A nurse holds a bottle of the Pfizer-BioNTech COVID-19 vaccine Monday at the Nurse Isabel Zendal Hospital in Madrid, Spain. Credit: Bernat Armangue / AP

Maine — along with other states — is expected to receive an additional 5 percent increase in COVID-19 vaccine supply, according to an announcement on Tuesday by the White House.

Combined with an earlier boost, that’s a 22 percent increase for the next three weeks.

The Biden administration is also preparing to launch a Federal Retail Pharmacy Program that would allow people eligible for the vaccine to get a dose at participating pharmacies. Maine CDC Director Nirav Shah said the details are still being worked out.

“Namely, how much vaccine is coming to Maine, which pharmacy sites, so on and so forth,” he said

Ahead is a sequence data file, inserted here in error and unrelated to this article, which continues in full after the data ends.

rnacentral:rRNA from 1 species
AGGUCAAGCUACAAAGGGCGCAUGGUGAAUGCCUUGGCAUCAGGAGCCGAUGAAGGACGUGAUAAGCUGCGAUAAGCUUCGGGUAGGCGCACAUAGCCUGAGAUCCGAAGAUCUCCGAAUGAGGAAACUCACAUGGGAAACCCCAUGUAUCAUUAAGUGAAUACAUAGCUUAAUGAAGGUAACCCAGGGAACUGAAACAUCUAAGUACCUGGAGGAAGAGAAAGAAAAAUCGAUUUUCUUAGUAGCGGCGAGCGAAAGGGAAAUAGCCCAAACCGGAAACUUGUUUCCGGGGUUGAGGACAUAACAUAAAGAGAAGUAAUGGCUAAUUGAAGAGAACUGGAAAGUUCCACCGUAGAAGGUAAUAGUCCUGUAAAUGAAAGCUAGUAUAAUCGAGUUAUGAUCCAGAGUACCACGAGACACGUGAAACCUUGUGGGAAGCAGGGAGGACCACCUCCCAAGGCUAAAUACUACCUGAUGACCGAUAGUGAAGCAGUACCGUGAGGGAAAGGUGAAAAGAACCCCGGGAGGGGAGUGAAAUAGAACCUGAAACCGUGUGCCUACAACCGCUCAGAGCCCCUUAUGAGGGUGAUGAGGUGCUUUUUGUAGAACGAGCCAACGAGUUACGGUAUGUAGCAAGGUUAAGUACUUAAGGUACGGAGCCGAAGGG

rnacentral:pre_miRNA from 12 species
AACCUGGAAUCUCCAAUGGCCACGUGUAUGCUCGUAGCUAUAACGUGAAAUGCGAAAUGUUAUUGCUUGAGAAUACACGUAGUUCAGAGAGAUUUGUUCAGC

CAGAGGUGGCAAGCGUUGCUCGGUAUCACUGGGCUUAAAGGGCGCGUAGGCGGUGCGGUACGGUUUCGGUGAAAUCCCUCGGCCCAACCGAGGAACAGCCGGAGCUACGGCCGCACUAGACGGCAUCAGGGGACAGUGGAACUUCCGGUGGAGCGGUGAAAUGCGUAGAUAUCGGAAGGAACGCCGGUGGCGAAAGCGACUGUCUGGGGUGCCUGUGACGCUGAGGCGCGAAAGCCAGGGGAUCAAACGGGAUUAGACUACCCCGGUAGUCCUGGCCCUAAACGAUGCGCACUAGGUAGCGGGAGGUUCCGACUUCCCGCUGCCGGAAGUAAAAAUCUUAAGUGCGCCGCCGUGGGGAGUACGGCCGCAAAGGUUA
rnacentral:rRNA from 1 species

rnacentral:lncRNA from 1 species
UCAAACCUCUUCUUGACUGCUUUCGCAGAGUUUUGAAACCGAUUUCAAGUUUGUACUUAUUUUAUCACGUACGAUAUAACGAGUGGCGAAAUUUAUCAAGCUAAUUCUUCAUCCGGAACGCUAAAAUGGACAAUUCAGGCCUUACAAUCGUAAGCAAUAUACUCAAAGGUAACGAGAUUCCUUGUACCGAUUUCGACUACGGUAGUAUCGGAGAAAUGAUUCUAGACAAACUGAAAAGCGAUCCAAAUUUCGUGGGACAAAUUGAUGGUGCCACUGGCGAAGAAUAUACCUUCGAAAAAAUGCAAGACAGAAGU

Shah said it’s also unclear how many doses will be allocated for the pharmacy program, but it will be separate from the allotment the state receives for hospitals and other clinics. The new program is expected to begin Feb. 11.

This week’s allotment of COVID-19 vaccine is en route to the state, and any storm-related delays in delivery shouldn’t compromise their efficacy, he said.

“The good news that we received is that the vaccine can subsist in the shipping container that they’re placed in for 72 hours without encountering any temperature concerns,” he said

This article appears through a media partnership with Maine Public.